A Modern-day Viewmaster with a VR Twist. It has potential but is currently a bit limited for K-12 use.
Community Review for Google Cardboard
As Cardboard is relatively new, chances are good that the instructional applications of this will only get better for classroom use; however, in its current "build," it remains a bit limited in what it can do for learning. It does rely upon a smartphone (and you need to be careful about which size you get as some versions won't fit larger sized phones), and it also requires installation of apps on the device (there are some good free ones available). Those are not necessarily deal-breakers but are considerations worth thinking about when planning to use Cardboard with students. For those relying upon iOS devices, the apps available for Cardboard are more limited on iOS than those for Android.
While students can create their own Street View (which is a cool aspect of the Street View app), there is no way to share those files privately or to a shared folder within Google Drive. Having to make something publicly available for others to view could be problematic in terms of student privacy concerns. There are also 360 videos available on YouTube, but for schools or districts where YouTube is blocked, those wouldn't be an option. In addition, there isn't a way currently to only load certain videos for student viewing within the app, and not all of the videos available are appropriate.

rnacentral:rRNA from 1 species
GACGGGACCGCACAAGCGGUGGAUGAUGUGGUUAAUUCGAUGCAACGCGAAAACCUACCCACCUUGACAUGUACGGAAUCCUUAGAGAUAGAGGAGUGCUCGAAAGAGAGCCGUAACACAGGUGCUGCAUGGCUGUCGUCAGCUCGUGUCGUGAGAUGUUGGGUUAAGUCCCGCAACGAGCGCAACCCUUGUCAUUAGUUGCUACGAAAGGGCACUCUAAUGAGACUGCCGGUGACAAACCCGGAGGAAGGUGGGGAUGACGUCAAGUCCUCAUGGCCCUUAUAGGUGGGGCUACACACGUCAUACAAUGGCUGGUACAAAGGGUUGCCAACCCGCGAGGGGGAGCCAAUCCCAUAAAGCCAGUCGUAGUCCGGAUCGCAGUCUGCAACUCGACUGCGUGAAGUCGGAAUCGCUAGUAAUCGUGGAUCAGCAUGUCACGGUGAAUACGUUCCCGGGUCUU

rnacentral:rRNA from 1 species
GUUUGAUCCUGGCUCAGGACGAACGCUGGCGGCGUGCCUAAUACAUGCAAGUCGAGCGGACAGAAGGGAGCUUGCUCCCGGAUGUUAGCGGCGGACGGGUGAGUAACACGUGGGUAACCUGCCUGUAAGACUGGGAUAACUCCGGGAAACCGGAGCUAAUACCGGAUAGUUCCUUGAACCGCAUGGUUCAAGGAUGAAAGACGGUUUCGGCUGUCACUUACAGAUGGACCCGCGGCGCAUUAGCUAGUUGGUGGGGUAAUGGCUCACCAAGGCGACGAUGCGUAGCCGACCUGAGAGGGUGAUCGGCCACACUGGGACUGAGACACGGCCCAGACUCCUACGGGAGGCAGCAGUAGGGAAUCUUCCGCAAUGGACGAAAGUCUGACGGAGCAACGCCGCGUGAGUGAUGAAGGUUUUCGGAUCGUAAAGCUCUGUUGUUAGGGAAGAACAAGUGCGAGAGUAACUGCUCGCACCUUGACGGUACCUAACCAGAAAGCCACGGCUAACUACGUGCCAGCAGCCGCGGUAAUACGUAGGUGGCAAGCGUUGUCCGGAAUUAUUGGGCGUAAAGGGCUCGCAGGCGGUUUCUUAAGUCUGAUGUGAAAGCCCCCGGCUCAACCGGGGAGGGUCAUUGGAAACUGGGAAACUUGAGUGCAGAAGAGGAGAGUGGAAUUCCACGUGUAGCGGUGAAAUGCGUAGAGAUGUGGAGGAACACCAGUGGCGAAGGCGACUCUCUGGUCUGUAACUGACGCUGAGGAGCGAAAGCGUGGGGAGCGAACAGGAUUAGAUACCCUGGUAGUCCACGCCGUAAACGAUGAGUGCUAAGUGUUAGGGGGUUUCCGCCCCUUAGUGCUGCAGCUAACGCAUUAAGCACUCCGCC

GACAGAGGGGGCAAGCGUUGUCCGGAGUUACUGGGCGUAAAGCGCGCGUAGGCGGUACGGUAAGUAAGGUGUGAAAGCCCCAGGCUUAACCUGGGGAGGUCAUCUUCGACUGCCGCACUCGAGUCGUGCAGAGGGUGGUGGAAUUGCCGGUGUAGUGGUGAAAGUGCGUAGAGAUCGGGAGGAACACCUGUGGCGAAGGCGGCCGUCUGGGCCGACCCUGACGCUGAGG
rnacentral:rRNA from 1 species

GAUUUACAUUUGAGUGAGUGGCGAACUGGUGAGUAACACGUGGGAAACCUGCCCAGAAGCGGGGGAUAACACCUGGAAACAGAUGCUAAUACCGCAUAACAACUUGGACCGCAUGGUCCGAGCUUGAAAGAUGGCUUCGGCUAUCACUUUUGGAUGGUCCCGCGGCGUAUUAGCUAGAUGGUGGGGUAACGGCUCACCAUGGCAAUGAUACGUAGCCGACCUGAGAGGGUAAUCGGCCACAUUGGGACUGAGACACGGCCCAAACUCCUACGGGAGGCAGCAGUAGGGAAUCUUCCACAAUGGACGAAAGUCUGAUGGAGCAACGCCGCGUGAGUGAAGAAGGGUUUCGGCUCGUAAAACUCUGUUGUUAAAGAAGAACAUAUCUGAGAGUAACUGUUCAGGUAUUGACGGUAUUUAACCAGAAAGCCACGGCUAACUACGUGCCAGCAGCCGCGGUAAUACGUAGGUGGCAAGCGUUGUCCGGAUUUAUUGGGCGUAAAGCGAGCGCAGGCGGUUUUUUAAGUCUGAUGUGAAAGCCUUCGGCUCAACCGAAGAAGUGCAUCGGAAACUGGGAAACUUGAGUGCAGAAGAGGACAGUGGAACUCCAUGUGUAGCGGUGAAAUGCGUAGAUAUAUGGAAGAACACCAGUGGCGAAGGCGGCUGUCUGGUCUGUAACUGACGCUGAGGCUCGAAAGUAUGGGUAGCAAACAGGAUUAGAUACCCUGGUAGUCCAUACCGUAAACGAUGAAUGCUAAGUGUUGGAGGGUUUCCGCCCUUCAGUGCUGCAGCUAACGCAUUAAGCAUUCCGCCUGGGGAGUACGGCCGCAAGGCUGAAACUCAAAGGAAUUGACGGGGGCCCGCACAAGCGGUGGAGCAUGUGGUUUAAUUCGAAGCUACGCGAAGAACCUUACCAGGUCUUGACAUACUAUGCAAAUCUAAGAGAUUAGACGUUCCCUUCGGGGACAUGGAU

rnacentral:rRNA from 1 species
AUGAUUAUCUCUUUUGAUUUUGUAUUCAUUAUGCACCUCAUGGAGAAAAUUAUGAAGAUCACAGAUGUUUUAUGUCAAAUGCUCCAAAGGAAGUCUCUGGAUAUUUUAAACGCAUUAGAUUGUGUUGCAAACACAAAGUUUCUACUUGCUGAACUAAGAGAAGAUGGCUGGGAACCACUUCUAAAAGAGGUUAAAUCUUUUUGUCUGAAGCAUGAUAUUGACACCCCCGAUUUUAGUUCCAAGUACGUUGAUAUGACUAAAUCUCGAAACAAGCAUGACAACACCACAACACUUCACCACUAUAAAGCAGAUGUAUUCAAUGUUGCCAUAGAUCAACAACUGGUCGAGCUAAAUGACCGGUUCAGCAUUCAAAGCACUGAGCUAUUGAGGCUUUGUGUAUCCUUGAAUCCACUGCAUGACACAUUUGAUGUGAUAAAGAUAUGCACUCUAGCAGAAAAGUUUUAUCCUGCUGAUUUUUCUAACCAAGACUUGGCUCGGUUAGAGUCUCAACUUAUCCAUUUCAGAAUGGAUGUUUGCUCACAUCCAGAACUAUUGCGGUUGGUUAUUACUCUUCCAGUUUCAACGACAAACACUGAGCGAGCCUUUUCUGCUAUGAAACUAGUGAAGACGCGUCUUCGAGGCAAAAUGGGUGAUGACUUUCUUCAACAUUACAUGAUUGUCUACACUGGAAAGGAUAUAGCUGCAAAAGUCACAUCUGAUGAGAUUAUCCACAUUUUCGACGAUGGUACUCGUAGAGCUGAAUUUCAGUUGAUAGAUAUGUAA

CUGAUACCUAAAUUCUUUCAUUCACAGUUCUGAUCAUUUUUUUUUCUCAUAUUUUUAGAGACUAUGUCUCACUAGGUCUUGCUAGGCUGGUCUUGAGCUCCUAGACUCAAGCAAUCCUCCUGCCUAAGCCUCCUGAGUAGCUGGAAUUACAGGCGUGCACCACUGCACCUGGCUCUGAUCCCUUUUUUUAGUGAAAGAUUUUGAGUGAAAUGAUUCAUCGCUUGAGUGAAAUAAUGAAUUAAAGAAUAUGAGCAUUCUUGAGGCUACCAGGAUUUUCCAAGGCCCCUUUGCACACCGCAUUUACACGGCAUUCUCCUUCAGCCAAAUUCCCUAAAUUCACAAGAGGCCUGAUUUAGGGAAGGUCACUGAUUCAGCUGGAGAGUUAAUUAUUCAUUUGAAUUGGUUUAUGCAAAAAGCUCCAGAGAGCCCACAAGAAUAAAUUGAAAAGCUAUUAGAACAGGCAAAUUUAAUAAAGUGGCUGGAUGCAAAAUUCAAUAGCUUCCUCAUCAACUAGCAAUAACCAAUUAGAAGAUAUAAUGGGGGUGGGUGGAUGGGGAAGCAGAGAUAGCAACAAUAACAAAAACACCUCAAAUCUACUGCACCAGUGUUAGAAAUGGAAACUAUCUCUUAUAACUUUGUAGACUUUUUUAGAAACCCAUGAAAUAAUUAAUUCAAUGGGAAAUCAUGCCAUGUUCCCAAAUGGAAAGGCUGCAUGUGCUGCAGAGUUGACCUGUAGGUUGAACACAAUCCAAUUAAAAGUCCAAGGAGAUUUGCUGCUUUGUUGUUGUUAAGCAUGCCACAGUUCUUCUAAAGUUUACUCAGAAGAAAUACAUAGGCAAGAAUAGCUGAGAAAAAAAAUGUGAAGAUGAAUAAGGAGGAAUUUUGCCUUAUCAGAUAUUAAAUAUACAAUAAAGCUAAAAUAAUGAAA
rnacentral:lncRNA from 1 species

At this point, there are some worthwhile apps for virtual experiences, but they are few in number and the creative aspects of Cardboard could be enhanced for K-12 users. It is something worth keeping an eye on as it develops more.
How I Use It
At the time of writing this review, Cardboard would be best used as a way to provide fieldtrip-like experiences virtually using the free Street View app or for specific articles/videos available to build background knowledge in an immersive way. (While the Cardboard app is available for iPads, it's worth noting that the sizes available for Cardboard are restricted to smartphones.) Most of the Cardboard VR app development happening now seems to be targeted for gaming, which makes sense, but the instructional side of VR simulations for education isn't quite there yet. Discovery VR has some limited content available, as does the New York Times VR app. Reviews for both in the iTunes store and GooglePlay are mixed in terms of functionality and use on varied devices.
If studying a certain area or topic, Cardboard could be an engaging way to immerse students; however, it needs more time and development to be truly useful for the K-12 classroom. It defintely has potential, but it is currently rather limited in application.